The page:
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LeBrok
04-07-14, 01:29
The love and trust hormone has unexpected rejuvenation properties according to this research:
http://www.ncbi.nlm.nih.gov/pubmed/24915299



"So when the UC team saw that oxytocin levels in the blood decreased with age, it piqued their interest. Maybe, they thought, oxytocin helps reverse the effects of aging on our bodies.
To test their hypothesis, the team injured muscles in young and old mice, then injected some of the muscles with oxytocin. Overall, the muscles in the young mice regenerated faster than the muscles in the older ones, as we would expect. But when the older mice were given an oxytocin boost, their muscles regenerated faster, bringing their regeneration rate up to the speed of youth. The young mice, on the other hand, received no added benefit from an extra shot of oxytocin, but their muscle regeneration was dramatically hampered when injected with an oxytocin receptor inhibitor. When the team looked closely at what was happening in the regenerating muscle cells, they found that oxytocin turns on a well-known cellular cascade that triggers growth and proliferation: the MAPK/ERK signaling pathway (http://en.wikipedia.org/wiki/MAPK/ERK_pathway).
“Our results demonstrate that oxytocin is one of the key age-specific systemic regulators of muscle maintenance and repair,” write the authors in their conclusions. However, they’re quick to note that it’s probably not the only one. “It is unlikely that only one circulating molecule accounts for systemic aging or rejuvenation.”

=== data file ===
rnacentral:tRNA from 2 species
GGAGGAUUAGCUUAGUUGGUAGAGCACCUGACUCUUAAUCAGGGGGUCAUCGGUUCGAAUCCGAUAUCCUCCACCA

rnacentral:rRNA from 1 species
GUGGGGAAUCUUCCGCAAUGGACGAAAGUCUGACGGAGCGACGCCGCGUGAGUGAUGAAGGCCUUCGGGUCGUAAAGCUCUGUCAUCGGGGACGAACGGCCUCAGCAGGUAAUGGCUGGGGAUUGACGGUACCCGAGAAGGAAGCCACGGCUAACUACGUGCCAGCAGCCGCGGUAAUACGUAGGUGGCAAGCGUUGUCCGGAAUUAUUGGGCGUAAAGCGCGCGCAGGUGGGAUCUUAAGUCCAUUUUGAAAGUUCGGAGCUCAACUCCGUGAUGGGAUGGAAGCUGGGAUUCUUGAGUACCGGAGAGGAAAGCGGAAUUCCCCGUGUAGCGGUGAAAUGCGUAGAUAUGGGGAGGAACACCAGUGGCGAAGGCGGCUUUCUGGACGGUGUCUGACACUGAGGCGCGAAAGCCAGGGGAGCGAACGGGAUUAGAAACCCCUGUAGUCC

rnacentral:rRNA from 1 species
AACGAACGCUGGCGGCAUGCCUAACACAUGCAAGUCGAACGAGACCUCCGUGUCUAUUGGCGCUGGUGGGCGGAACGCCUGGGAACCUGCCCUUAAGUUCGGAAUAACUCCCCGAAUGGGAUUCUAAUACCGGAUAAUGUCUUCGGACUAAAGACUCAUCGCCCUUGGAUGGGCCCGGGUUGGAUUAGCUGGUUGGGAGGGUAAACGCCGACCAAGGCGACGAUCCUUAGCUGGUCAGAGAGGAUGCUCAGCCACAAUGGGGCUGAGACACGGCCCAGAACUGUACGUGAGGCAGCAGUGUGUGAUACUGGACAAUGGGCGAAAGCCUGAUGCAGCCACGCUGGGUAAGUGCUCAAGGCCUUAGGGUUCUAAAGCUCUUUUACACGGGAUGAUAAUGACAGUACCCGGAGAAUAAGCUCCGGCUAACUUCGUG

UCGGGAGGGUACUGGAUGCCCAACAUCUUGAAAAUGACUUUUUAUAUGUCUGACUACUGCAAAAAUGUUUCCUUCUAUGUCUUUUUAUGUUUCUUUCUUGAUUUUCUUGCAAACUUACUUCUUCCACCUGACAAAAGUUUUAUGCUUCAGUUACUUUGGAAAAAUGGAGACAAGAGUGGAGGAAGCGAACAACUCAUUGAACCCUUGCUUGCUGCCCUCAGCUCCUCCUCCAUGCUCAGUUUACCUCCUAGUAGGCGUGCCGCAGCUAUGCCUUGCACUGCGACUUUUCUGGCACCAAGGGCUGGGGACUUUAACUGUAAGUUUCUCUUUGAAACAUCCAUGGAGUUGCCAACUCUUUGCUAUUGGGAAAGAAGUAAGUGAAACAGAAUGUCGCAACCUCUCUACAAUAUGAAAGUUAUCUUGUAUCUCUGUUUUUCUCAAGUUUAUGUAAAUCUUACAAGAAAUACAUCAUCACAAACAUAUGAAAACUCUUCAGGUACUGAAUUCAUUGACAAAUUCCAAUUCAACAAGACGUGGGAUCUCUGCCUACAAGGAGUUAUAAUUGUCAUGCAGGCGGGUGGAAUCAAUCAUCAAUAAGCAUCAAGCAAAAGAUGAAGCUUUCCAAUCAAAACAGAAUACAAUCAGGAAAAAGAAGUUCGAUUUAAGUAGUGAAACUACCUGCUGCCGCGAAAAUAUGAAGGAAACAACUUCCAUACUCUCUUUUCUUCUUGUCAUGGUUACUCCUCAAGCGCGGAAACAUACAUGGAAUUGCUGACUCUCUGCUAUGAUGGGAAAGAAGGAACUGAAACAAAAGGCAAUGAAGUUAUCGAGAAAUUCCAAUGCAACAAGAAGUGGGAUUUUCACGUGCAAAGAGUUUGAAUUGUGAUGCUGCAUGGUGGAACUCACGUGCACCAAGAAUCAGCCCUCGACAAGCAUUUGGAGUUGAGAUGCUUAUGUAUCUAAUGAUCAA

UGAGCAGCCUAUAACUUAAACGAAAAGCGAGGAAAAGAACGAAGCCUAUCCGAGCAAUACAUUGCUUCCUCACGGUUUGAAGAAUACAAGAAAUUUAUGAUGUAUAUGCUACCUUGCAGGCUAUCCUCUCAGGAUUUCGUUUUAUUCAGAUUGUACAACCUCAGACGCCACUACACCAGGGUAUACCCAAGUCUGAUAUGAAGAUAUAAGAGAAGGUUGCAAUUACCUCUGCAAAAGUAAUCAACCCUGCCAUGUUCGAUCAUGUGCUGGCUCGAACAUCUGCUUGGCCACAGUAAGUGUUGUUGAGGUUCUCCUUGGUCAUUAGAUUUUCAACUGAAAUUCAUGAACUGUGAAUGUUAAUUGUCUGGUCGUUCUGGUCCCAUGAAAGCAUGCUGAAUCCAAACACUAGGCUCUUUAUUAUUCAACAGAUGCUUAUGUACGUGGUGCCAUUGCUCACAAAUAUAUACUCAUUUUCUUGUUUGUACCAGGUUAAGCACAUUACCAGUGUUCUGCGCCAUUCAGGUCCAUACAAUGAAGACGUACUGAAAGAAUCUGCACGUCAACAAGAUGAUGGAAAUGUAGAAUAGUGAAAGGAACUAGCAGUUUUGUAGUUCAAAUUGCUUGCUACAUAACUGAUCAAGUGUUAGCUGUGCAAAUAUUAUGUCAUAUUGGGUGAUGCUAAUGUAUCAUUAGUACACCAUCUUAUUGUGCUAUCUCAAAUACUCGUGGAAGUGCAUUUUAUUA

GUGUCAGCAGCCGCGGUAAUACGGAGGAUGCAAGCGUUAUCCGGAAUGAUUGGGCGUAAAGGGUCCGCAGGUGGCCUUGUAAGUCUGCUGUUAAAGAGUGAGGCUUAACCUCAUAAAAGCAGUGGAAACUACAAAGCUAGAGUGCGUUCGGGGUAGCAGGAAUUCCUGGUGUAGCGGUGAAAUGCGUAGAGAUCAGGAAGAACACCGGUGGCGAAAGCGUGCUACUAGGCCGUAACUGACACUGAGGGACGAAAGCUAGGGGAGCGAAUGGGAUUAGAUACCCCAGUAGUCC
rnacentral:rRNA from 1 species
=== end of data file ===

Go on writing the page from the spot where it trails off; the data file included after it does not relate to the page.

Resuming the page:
Full article:
http://blogs.discovermagazine.com/science-sushi/2014/06/27/new-study-shows-muscles-love-oxytocin/#.U7XkW_ldVa8


Still, any molecule that helps combat the effects of aging is a good find, especially this one—because, so far, negative side effects from oxytocin use are few and far between. What’s most exciting about this research is that oxytocin is already an FDA-approved drug, thus this work may have uncovered a novel and safe way to combat the deterioration of muscle mass, strength and agility in the elderly. As the authors explain, “the potent positive effects of oxytocin on muscle tissue homeostasis and repair that were uncovered in this study are thus promising for developing an effective and safe new clinical strategy.

I think it is a very exciting news, especially for us older geezers.
We can bug our doctor to prescribe it, or go, hug and kiss your spouse a lot. :grin:

oriental
04-07-14, 02:01
So is it better than viagra?:laughing:

Aberdeen
04-07-14, 04:48
The young folk tell me that Ecstacy is even better than Oxy. However, I'll take their word for it.

Maciamo
04-07-14, 08:40
That study may explain why isolated people, or older people who rarely see their children or (great)grandchildren get more health problems and die earlier than those who are surrounded by loved ones. It would also provide a clue as to the biochemical mechanism involved when an elderly person dies soon after his/her spouse had died. Mourning is partly the destruction of the oxytocin paths in the brain connected the the lost person. When a loved one dies it really is a part of us (a group of neurons) that dies.

LeBrok
04-07-14, 17:31
That study may explain why isolated people, or older people who rarely see their children or (great)grandchildren get more health problems and die earlier than those who are surrounded by loved ones. It would also provide a clue as to the biochemical mechanism involved when an elderly person dies soon after his/her spouse had died. Mourning is partly the destruction of the oxytocin paths in the brain connected the the lost person. When a loved one dies it really is a part of us (a group of neurons) that dies.
That's right. There are also studies pointing to health benefits when people belong to tight organizations, like religious groups. This closeness helps produce Oxytocin and stay healthy longer.